"Meet our clients" Category

JoJos Childcare

July 29, 2019 / Meet our clients

This month we enjoyed having a catch-up with Jo, a Kumeu local, qualified teacher, mum of five and manager of the popular Jojo’s Childcare centre. Affectionately known by the kids as Jojo, she loves family, giving back to her community and seeing children learn and grow through play.

 

Can you introduce Jojo’s Childcare?

We’re a family owned and run Early Learning Centre licenced for 100 children, from birth to six years old, and we’re based in Kumeu. We’ve got an amazing team of teachers who love seeing our children make discoveries through play, and we’re committed to giving back to our community.

 

What are you focusing on at the moment?

We’ve been reflecting on our learning stories – how we can better represent each child’s time here and look more deeply into their development.

We’re also looking at ways we can engage more with our local culture – making sure that when we talk about biculturalism and speaking te Reo Māori, that we are doing it authentically and in conversation with our families and local iwi.

 

For people who don’t know what learning stories are can you tell me a bit about that?

Typically, learning stories are a snapshot of what your child is up to and they get collated into a portfolio which parents can take home or view online. A teacher generally observes a child or a group of children in an activity – they take a couple of photos and write up a story to go into the portfolio.

The learning stories can then be used as part of the teacher’s inquiry and planning – with the idea that planning and assessment is child-led and prompted by their interests and development.

There’s not one way to do learning stories; there’s a lot of grey areas. Typically, most centres use the learning stories to observe, take photos and then write one story a month based on one of those interactions.

But this falls short because one interaction a month is just a snapshot – a child’s interests and development changes all the time.

Because of their relationship with the children, teachers are aware of the child’s development and interests, but in terms of documenting and sharing with parents, it’s just one moment in time – it doesn’t really go deep into the child’s development.

 

Childrens outdoor playground at Jojos Childcare

 

What is Jojo’s trying to do differently with their learning stories?

We are currently trialling a new system suggested by one of our under two’s teachers. She had the idea of an individual development plan. As the under two teachers have more non-contact time available (with babies sleeping more) they are able to dedicate more time to documenting each child’s development. Instead of one photo a month and a longer story, her idea was to take more photos and write one or two sentence summaries of what’s happening in the photo.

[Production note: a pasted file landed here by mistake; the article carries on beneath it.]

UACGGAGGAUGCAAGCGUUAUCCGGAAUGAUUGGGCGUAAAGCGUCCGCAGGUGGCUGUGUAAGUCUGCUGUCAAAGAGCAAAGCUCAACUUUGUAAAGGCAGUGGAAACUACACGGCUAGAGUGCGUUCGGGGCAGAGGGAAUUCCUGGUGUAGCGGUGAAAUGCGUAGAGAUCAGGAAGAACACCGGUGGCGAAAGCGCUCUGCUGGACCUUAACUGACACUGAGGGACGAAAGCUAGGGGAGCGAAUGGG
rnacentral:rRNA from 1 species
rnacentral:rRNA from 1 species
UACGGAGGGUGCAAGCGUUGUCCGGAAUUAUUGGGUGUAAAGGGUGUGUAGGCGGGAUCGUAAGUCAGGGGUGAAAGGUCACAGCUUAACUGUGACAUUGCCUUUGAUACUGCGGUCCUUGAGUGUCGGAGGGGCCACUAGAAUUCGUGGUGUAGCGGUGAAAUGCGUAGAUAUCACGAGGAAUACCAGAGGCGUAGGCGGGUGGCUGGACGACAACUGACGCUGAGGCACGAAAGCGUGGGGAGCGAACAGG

We knew it wasn’t feasible to just rollout across the centre without testing the waters first, but her suggestion did prompt us to look more deeply at what we do.

The new system is based on looking at stories across a term, where we can create a child’s individual development plan and include more input from parents and the children themselves.

Based on this new approach, you might end up with about nine photos and summaries over a term -showing a child’s development, their changing interests, and including their thoughts and their parents input too.

As a result, you have a much chunkier, deeper evaluation and understanding of each child. Parents can see what their child has got up to through that term and how it relates to the curriculum. These development plans can then be used to plan for the next term.

This means term by term we’re going to get a much bigger picture, which will really help with our child-led planning.

 

How are the trials going?

Some of our parents are aware of it and it’s really important we get it right. So we tried it out for a few children in term one and asked for parent feedback. We trialled it again in term two and brought in more children. And we will evaluate again and speak to parents.

The parents who have been involved in the trials are happy.

Each term we intend to bring on more children and if the feedback continues to be positive we will look to roll it out across the centre – so real child-led planning and assessment for all our children – from baby to schoolies.

 

Sounds great. Can you tell me a bit more about your other focus – engaging more authentically with your local culture? What does that look like?

Two of our teachers are working on creating a local curriculum. They are in contact with our local marae and asking for contribution from our families connected with our local iwi, Ngāti Whātua. We’re looking at what stories or issues might be particularly relevant and exploring ways to include them in our curriculum.

We speak and sing in te reo too, and we want to make sure that we are incorporating language and culture in a way that is really authentic, rather than it being a token gesture.

We are interested in how we create a local curriculum which is relevant to Jojo’s and make sure we listen and include our families, especially those with Māori  heritage, to make them feel welcome and offer them the opportunity to contribute.